I see a lot of women for post-partum stuff. I say stuff because it’s almost never just straight depression. Often it’s anxiety, high high levels of anxiety. It’s anxiety that something’s going to happen to the baby, anxiety that something will happen to their partner, anxiety they are going to be bad parents, finances, work, etc. They often can’t sleep and they often feel very irritable. They love their kids and they feel horrible that they are so anxious and irritable. Then they feel even worse when they ask how long it’s going to last and I tell them maybe a year. Because honestly I’ve seen it last that long. Medication can take the edge off, and help with sleep, but the mood stuff can literally last a year. I don’t sugar coat it.
When I was post-partum I was breastfeeding premature twins and recovering from a C-section. So yeah. I was a little nuts. I was anxious I was tearful and I was literally overcome with this new emotion of love for these little beings who were completely dependent on me. Literally. They were allergic to formula. Breast milk was the only option.
I’ve thought a lot about that time period and I see Mom’s through it, and then they have toddlers and that brings a whole new level of crazy. Toddlers still wake up at night when they have to pee or when they peed through their diaper or if they get scared or if they are sick. So literally we still don’t sleep through the night ever and now we have these bigger beings who are still dependent on us but who are trying to be independent at the most inconvenient moments.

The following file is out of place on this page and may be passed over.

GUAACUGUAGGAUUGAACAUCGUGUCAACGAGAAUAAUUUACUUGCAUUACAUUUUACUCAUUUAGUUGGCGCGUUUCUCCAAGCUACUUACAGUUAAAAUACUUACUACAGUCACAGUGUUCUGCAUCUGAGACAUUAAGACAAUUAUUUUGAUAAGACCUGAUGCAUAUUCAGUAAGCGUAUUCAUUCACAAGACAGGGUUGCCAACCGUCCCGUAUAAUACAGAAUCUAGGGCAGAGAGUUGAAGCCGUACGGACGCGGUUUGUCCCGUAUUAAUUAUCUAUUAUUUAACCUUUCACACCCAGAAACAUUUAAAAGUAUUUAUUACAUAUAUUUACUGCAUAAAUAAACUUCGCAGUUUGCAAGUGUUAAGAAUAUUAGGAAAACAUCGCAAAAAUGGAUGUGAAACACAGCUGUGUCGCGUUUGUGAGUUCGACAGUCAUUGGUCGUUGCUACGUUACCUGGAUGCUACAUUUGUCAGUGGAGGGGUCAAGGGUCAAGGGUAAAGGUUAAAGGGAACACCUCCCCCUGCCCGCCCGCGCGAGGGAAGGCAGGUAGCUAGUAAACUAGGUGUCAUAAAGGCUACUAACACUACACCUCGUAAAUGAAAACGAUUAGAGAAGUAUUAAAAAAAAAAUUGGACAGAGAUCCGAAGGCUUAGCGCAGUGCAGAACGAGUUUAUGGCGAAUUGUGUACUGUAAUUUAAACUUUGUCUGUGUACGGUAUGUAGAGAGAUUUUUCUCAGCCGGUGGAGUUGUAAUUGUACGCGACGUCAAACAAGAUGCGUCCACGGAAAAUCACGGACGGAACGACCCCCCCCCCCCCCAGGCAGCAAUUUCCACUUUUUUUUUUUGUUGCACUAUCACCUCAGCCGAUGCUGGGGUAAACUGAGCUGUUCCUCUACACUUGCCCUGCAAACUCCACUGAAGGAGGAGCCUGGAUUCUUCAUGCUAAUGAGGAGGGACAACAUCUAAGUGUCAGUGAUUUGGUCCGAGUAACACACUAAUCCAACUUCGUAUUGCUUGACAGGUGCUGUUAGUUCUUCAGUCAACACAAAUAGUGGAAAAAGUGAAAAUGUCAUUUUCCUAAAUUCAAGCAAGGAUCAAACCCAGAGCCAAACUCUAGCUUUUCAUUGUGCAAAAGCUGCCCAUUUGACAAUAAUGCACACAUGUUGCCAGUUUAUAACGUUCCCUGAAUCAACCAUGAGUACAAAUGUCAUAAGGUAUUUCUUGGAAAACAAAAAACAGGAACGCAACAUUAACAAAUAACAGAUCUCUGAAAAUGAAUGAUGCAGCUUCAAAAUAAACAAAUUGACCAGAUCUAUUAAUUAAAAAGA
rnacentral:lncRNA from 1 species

So these mom’s come in when they have toddlers and are like “I’m still crazy.” They are less crazy then before. They are sleeping better, maybe having sex with their partners, and less anxious but still emotional. Still crying at Peter Pan if they have boys and worried about their girl becoming too girly or too feminist. The more I’ve thought about it and the more I’ve experienced it the more I think it’s not just about being post-partum.
I remember talking to a friend when the boys were a month old and saying that I couldn’t even internalize the immense amount of emotion I experienced in the last month because it would break me. I went from having a partner who I loved to having not just one but two little people who were stealing my heart piece by piece from the time they were implanted in the womb. I think over the past two and a half years at random times pieces of that intense love hits me and is slowly internalized.
Over time I am processing the love of a mother for her son. Times two. But it’s not that it ever becomes manageable. I just become more accustomed to having it around. Because I’m always afraid. Afraid something will happen at daycare, they will fall off the big slide at the playground, they will choke when they eat an apple, and I don’t know, a million other things. The fear and anxiety can be overwhelming if I really pause and think about it. The fear for their futures and for their relationship with each other and with us.
New Mom’s I think see other mom’s and maybe their own Mom’s and see them being totally calm and collected and not obsessed and anxious over everything having to do with their child. Because with time it becomes less present, less intense, perhaps more manageable. But even at my age I know if I’m upset and I tell my mom she will be upset too. So it’s not like getting through the first year makes everything all better. It just maybe makes the intense emotions less intense, perhaps better able to be compartmentalized. But then the damn kids start moving and all these new anxieties start.
In general as humans we aren’t good at vocalizing how we feel and emotion can be seen as weakness. But I know Mom’s are having them, because I am, and because they are in my office crying every day.
Instead of pretending life is great and going by the facebook family of four smiling with no problems, maybe start talking to other Mom’s about real life. Real feelings. Because you will likely find validation and that the addition of a life to a family let alone two at a time is hard, intense, and literally can make you feel crazy. And that’s okay.